WASHINGTON — A highly anticipated fall summit between President Barack Obama and Russian President Vladimir Putin could become a casualty of Moscow's defiant decision to grant temporary asylum to National Security Agency leaker Edward Snowden, the White House signaled Thursday after weeks of pressuring and pleading for his return to face prosecution.
Russia's decision "is not a positive development," White House spokesman Jay Carney said.
"We are extremely disappointed that the Russian government would take this step despite our very clear and lawful requests in public and in private to have Mr. Snowden expelled to the United States to face the charges against him," Carney said.
Obama is scheduled to go to Russia in September for the Group of 20 economic summit in St. Petersburg and also stop in Moscow for one-on-one talks Putin. The White House alternately has demanded that Russia return Snowden while also saying it doesn't want his case to negatively impact relations with Moscow.
Asked whether Obama would still travel to Moscow, Carney said pointedly, "We are evaluating the utility of a summit."
There was a strong reaction from some lawmakers.
"Russia's action today is a disgrace and a deliberate effort to embarrass the United States. It is a slap in the face of all Americans," Republican Sens. John McCain of Arizona and Lindsey Graham of South Carolina said in a joint statement. "Now is the time to fundamentally rethink our relationship with Putin's Russia."
The senators suggested expanding U.S. sanctions against Russians accused of human rights violations, completing U.S. missile defense programs based in Europe, and moving quickly on another round of NATO expansion to include the Republic of Georgia.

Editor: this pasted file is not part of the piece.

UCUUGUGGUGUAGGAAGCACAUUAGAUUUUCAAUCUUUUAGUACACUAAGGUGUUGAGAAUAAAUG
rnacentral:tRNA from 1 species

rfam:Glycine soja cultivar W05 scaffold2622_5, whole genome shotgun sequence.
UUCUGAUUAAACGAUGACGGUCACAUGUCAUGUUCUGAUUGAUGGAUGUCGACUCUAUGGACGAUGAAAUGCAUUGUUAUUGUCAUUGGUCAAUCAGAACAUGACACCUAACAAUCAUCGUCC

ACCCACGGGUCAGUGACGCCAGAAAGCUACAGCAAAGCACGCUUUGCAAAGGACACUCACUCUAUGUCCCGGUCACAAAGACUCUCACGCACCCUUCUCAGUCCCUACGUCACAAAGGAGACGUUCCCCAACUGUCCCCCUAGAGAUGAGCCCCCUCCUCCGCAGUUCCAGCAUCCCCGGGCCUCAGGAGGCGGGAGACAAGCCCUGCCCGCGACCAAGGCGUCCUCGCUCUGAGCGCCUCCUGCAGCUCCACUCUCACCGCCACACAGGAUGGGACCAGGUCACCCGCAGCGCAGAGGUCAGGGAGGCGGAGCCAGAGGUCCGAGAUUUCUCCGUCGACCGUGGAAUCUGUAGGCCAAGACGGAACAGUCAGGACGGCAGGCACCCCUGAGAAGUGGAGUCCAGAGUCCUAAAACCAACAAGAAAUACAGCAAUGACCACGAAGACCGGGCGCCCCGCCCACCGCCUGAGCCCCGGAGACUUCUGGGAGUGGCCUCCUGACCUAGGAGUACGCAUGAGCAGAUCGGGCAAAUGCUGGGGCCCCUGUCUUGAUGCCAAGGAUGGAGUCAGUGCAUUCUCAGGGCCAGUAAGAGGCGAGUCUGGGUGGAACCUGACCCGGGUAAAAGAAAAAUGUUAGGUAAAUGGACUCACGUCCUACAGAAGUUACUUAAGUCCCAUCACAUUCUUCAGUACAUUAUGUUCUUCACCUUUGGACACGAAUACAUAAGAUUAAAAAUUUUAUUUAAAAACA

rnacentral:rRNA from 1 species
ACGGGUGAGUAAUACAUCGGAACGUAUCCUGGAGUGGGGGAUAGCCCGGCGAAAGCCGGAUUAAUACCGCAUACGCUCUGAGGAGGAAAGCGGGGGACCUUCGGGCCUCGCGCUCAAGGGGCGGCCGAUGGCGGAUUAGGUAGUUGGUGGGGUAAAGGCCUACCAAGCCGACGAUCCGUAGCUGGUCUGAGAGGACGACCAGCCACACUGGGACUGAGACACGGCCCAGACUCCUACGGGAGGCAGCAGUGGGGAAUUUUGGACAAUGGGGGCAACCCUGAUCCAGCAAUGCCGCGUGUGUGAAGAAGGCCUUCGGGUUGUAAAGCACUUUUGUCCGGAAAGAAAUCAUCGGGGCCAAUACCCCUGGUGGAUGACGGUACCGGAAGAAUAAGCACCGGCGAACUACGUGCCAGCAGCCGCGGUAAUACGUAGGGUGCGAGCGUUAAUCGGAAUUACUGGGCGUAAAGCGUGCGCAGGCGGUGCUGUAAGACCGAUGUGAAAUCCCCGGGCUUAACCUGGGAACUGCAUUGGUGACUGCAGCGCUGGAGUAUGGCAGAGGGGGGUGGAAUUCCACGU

A top Democrat, Sen. Chuck Schumer of New York, said Obama should recommend moving the G-20 summit. Long before Thursday's decision, Graham suggested the U.S. boycott the Winter Olympics taking place next year in Sochi, Russia.
"Russia has stabbed us in the back, and each day that Mr. Snowden is allowed to roam free is another twist of the knife," Schumer said.
Carney declined to speculate about what steps, if any, the U.S. might take in response. He noted the complicated and wide-ranging relationship between the two countries and suggested the U.S. also is reluctant to let Snowden's status become the source of further deterioration.
The U.S. and Russia already disagree on a host of issues, including the civil war in Syria, where Moscow is one of Syrian President Bashar Assad's key supporters and the U.S. is backing anti-Assad rebel forces.
"There is no question that there are a range of issues, setting aside the disposition of Mr. Snowden, on which we are currently in disagreement with Russia," Carney said.
Snowden left the transit zone of a Moscow airport and officially entered Russia after authorities granted him asylum for one year, his lawyer said Thursday. Snowden had been camped out at the airport for more than a month since he arrived there from Hong Kong on June 23.
The U.S. had demanded that Russia send him home to face prosecution for revealing details about secret U.S. electronic surveillance programs. But the two countries have no extradition treaty and Putin dismissed the requests, despite saying he didn't want the Snowden issue to hamper relations with the U.S.
Carney said the U.S. was not told of the decision ahead of time.
Andrew Weiss, a former director of Russian affairs in the Clinton administration, said the Russians had sought an Obama visit so they could portray Putin as an important player on the world stage. But he said it now seems "all but inevitable" that Obama will have to cancel at least part of his trip to Russia in response.
"So something they really wanted, which was the president of the United States there in Moscow, now seems to be in jeopardy" because of Snowden, Weiss said.
Jeffery Mankoff, deputy director and fellow with the Russia and Eurasia program at the Center for Strategic and International Studies, said the meeting should go on because of the other important issues on the table.
"All of these things are kind of sitting there in the bilateral relationship and really need a top-level push to get anywhere," Mankoff said. "Having that kind of meeting would be conducive to getting some of that agenda moving."